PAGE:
Winterthur’s first light show ends Saturday.
Projected onto the front of of the house, the show isn’t a lot of flashy lights. It incorporates panels in windows to tell the story of Winterther owner Henry Francis du Pont getting ready for and holding a Christmas party for the staff.
Fans have called it a delight. Several showings are held a night.
Tickets include a self-guided tour of the fifth floor of the house, decorated for the holidays. Visitors can also roam the grounds, which for the first time have been decorated for the holidays.
Admission to the Winterthur is $22 and can be bought online here.
Hudson Fields brought back last year’s outdoor light show, which allows visitors to drive along a route through lighted displays through Dec. 31.
The attraction’s “A Journey to the North Pole” will feature a Christmas Town, a Santa’s workshop display, and a Christmas list drop-off box, where children will be able to see an elf personally deliver their wishes to Santa.
Tickets are $20 per vehicle Monday through Thursday for a car up to 7 people, and $25 on Friday, Saturday or Sunday.
The show is open from 5 p.m. to 10 p.m. Tickets can be purchased online here.
Rose Colored Lasses Milford Tour
Taking a cue from Lewes Lights, the philanthropic Rose Colored Lasses have created a light tour for Milford. The group, begun a running team, usually has a holiday philanthropy, but many were axed by COVID.
Instead, member Rebecca Sharp asked people who had decorated the outside of their homes to email her. All of the submissions were added to a list available to anyone who would like it.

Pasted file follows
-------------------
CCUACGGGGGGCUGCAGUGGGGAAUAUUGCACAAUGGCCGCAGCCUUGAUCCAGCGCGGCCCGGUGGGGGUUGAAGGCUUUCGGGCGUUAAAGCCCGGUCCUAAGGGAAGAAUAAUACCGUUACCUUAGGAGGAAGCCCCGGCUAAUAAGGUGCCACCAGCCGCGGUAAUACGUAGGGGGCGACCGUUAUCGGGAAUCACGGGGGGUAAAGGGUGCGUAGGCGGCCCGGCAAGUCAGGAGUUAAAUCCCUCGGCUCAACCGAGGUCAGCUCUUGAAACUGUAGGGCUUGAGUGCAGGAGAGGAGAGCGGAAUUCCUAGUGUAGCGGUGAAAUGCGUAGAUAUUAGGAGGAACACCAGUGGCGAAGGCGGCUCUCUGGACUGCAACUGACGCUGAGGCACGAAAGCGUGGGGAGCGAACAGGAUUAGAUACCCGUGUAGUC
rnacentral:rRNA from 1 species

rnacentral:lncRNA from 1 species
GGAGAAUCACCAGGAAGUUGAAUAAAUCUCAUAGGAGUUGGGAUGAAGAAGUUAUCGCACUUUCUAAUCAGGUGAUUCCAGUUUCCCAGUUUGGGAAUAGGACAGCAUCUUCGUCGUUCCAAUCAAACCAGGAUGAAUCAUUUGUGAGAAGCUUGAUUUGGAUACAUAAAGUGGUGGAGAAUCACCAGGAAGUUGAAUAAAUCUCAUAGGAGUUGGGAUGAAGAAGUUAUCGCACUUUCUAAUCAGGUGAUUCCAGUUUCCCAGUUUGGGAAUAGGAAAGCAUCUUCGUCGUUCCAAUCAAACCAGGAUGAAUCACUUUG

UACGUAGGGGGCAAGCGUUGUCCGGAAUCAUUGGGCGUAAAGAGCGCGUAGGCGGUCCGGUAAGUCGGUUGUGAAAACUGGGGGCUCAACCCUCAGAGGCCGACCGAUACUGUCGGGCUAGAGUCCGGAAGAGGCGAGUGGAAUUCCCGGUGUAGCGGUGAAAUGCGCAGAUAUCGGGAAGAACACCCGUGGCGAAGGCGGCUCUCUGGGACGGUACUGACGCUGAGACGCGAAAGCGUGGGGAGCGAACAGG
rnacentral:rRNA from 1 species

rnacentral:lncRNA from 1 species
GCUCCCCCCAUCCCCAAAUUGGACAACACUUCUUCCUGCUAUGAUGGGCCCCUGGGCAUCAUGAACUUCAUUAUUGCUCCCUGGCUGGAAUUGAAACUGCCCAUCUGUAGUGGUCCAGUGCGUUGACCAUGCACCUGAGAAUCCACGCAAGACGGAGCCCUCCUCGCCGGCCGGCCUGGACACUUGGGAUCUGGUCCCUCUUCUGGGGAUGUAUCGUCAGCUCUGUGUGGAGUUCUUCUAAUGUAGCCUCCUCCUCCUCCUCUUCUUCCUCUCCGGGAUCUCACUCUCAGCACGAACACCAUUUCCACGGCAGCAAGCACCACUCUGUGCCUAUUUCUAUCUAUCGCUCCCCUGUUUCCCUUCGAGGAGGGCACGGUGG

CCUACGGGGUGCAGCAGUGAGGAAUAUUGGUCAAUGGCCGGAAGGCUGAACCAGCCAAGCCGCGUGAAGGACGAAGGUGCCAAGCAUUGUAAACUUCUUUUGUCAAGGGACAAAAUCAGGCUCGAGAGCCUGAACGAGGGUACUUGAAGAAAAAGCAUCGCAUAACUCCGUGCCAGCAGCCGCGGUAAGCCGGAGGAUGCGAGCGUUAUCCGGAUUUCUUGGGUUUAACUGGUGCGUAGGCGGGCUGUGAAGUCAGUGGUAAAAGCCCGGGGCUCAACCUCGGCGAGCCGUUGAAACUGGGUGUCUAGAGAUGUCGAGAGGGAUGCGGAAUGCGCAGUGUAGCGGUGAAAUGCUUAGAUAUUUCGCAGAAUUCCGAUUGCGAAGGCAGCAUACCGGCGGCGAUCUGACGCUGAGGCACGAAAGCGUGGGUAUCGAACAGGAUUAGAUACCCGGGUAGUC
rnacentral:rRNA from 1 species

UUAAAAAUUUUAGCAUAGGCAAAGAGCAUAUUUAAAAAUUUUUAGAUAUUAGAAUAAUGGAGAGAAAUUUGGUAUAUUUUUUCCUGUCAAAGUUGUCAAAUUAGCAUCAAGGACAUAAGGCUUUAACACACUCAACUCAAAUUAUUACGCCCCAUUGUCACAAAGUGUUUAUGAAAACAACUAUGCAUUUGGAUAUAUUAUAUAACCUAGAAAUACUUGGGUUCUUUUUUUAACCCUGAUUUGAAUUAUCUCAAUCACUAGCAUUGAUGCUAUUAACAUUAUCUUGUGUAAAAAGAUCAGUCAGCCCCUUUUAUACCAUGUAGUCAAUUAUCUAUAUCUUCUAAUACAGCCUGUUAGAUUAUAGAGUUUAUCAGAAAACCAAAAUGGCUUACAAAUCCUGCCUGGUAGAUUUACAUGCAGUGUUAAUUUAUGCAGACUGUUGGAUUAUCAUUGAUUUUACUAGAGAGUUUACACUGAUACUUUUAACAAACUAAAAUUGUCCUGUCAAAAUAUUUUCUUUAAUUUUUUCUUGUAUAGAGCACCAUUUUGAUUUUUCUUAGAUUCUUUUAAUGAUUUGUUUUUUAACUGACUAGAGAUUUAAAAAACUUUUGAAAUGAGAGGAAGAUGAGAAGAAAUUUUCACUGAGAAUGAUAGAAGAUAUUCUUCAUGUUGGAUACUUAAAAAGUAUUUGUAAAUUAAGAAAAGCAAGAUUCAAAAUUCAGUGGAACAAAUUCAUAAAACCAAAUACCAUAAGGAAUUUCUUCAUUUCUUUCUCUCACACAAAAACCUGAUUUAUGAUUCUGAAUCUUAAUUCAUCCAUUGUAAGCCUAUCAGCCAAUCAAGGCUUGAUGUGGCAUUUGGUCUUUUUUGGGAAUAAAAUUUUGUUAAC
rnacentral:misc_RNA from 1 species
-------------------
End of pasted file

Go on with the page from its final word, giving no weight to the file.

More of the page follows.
“The list is by no means comprehensive, but should provide an idea of where to head when taking a family on a ride,” Sharp said in a press release. “The list has a wide range of decorating styles. At least one rivals the classic Griswald home in the movie ‘Christmas Vacation,’ while others are more understated. There are several streets listed where the entire street is ablaze with lights.”
The list includes home along Shawnee Road , in The Holly’s, downtown Milford on Church, New and Walnut streets as well as Kings Highway. Avenue Church, Sara Glen Acres, Chestnut Knolls, North Shores, Haven Lake Estates, Lake Country Estates, Pleasant Woods, Knot’s Landing, Orchard Hill, Meadows at Shawnee, Lighthouse Estates and Knollac Acres.
A copy of the list can be obtained by emailing email@example.com.
Lighting up the tractor: Delaware Farm Bureau members James and Tammy Carpenter of Milton, James’ sister Kay Dukes and their families have turned their idle farm equipment into a beacon of cheer on Carpenter Road in Milton. Their features 4,000 feet of holiday lights. The lights will be on every night from 5 p.m. until midnight through Jan. 3. “Give us a honk as you drive by,” Carpenter said.
An Apple that never disappoints: Apple Electric in Lewes has been a holiday destination for more than two decades. Its business at John J. Williams Highway offers the spectacle of LED lights dancing to music on the short-signal radio band. The site also collects Toys for Tots, matching each one.
A backyard of 156 blow dryers: So says Emma Boyer’s dad about the 156 inflatable characters in their back yard. The collection started when Emma was 5 and got a blow-up Minnie Mouse. Now the family hosts open houses and uses them to collect Toys for Tots. The official visiting nights are over, but Lisa Boyer said, “If the lights are on, feel free to go in the backyard.” The house is at 33 Bristol Lane, Newark.
1 Santa Claus Lane: Rich and Linda Faucher decided to tone down their usual display at 1 Santa Claus Lane on Red Lion Road near New Castle. They put up about half their normal lights, but with a straight-forward message: Faith.